[T]he Catholic religion differs from most other religions, differs even from most other denominations of Christianity, in that it was not merely cradled in an atmosphere of the miraculous, but lives and breathes in an atmosphere of the miraculous. Miracles are not always equally abundant, but the faith is always there; when the deacon Peter asks St Gregory in his dialogues why it is that miracles don’t happen nowadays, St Gregory first of all gives reasons why they shouldn’t happen, and then points out that they do. All the discoveries of science about the nature of diseases and so on have not lessened our faith in the possibility of miracle; rather, they have increased it. For, in proportion as medicine grows more exact in its methods and more careful in its habits of observation, in that proportion we can feel more certain, when such and such a cure is effected, that the finger of God was really there. When you hear doctors doubting about the miracles at Lourdes, you will find that the complaint they are making is not one against religion; diagnosis, they say; some ass of a French G.P. didn’t know his own business. If that is so, we can only hope that doctors will get more and more scientific; then the miracles at Lourdes will be more manifest than ever. Ronald Knox, In Soft Garments, A Collection of Oxford Conferences (1953).

Souvenir of St. Columba’s Stone

Calvary group and St. Columba's Stone, St. Columba's Church, Long Tower, Derry, Northern Ireland.

Calvary group and St. Columba’s Stone, St. Columba’s Church, Long Tower, Derry, Northern Ireland.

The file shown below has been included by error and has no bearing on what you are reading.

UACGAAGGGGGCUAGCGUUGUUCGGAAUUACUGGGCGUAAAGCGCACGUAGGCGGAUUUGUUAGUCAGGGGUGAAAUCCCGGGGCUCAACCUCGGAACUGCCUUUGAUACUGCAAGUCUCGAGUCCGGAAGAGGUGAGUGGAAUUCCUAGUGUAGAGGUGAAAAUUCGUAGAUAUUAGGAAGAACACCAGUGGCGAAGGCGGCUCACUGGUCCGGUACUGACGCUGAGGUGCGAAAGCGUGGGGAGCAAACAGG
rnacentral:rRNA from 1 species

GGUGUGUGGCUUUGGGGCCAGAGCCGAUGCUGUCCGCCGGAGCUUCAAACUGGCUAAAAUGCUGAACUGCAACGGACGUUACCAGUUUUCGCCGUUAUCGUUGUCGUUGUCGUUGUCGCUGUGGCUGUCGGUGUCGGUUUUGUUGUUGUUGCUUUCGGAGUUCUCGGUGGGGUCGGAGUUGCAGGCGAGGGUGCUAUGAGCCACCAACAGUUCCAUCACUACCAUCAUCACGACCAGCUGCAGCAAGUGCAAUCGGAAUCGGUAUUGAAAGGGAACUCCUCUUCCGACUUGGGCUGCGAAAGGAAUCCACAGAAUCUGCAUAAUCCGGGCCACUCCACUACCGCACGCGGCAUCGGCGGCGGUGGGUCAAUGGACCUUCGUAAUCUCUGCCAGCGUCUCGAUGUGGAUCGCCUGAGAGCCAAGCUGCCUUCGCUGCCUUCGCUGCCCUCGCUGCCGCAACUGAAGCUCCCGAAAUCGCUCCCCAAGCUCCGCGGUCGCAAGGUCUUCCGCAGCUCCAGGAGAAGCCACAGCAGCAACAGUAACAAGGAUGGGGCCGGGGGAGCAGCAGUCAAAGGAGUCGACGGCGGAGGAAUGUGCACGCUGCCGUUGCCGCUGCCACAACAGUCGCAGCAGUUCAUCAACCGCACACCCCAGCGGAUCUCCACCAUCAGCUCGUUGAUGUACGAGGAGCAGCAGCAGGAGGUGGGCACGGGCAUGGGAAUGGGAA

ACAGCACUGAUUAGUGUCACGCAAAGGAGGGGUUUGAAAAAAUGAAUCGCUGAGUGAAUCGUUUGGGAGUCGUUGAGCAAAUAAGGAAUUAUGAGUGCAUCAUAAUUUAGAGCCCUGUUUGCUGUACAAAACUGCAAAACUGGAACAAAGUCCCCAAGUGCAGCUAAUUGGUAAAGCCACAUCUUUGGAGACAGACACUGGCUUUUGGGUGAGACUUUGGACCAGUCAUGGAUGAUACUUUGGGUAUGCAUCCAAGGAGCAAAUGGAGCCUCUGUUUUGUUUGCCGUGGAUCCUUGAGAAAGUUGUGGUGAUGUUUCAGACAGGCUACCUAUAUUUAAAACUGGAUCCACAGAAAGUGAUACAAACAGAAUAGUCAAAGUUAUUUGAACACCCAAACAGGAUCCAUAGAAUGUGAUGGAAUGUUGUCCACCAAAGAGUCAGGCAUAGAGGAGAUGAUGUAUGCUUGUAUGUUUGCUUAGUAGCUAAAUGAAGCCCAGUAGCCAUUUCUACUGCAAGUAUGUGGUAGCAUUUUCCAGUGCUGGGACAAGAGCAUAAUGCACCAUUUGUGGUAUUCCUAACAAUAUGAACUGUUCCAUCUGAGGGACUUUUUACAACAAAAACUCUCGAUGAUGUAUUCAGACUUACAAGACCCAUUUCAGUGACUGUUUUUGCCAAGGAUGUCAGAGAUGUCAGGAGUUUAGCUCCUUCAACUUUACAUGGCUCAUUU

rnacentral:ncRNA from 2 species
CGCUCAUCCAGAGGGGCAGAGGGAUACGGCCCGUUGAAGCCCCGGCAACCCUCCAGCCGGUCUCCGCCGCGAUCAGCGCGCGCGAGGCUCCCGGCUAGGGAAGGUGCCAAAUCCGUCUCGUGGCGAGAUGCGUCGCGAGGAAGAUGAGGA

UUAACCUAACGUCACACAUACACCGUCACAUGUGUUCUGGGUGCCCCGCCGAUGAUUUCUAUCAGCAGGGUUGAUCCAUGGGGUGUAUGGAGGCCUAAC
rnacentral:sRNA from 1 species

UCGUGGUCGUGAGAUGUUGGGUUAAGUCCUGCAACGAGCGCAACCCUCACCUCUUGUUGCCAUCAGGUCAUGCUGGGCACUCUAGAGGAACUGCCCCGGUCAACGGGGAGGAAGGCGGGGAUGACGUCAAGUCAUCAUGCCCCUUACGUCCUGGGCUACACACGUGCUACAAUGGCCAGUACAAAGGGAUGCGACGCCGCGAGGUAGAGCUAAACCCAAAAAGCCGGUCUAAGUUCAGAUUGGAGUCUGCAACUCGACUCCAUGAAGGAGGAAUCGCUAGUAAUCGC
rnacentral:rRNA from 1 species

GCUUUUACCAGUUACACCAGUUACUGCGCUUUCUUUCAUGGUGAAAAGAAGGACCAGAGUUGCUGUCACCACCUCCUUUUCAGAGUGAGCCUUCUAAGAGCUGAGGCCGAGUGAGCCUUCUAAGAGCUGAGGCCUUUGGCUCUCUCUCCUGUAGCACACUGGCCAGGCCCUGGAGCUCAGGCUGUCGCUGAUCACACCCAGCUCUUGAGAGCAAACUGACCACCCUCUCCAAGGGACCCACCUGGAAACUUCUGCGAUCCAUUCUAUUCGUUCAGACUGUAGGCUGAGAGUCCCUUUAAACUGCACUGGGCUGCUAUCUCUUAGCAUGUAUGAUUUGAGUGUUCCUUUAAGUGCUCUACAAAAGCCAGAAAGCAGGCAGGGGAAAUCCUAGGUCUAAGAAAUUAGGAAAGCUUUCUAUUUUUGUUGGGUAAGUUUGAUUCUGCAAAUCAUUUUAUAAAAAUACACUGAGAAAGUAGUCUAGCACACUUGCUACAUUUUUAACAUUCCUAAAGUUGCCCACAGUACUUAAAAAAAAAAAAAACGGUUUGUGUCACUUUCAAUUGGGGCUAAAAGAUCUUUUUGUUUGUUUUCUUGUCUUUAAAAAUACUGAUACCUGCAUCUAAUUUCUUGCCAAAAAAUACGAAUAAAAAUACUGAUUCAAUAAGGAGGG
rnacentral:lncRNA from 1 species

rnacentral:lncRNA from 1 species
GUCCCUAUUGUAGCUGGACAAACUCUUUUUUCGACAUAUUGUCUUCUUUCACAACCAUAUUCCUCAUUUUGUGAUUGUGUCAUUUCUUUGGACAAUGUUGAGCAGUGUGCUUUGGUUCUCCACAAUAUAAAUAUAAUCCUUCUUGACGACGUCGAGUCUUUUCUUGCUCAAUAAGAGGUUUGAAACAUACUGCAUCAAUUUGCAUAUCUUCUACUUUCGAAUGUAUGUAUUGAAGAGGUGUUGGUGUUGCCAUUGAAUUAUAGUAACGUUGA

[Long Tower Church was the first Catholic church constructed in Derry after the Protestant Reformation. The bullaun (Irish: bullán) stone known as St. Columba’s Stone was enshrined here on 9 June 1898, having been moved from its original location by St. Columba’s Well (Tobar Colm Cille) the previous year.]

St. Columba’s Stone. No matter what may have been the actual connection of this stone with St. Columba — whether it was the pillow stone of which the Trias Thaumaturgas speak or the flag stone on which, tradition says, he knelt in the Church — it has been, from time immemorial, associated with his name; and that very association has hallowed it and made it a relic of Derry’s great saint and patron. We venerate it because it bears his name, and was dear to our fathers. We enshrine it in this Calvary, to perpetuate the lessons of prayer and penance Columba taught in his day. He “willed his soul to Derry.” His spirit still hovers over our town. Were he to speak from this stone as a text, he would say, pointing to the Altar or the Calvary:

Remember that the real Memorial of Calvary is the Eucharist. Be often at Mass and Communion.

Remember the agonized cry from the Cross, “I thirst,” and be temperate.

Remember the sorrows of Mary, and spare her Son the pain of sin.

Remember the penitence of Magdalen and the purity of John. Imitate the love of both.

Remember the souls in Purgatory, and go round the Way of the Cross for them.

Remember, above all, that He who died on Calvary now lives on the Altar. Visit Him often.

— Fr. William Doherty, Derry Columbkille, Souvenir of the Centenary Celebrations, in Honour of St. Columba, in the Long Tower Church, Derry, 1897-99, Dublin (1899).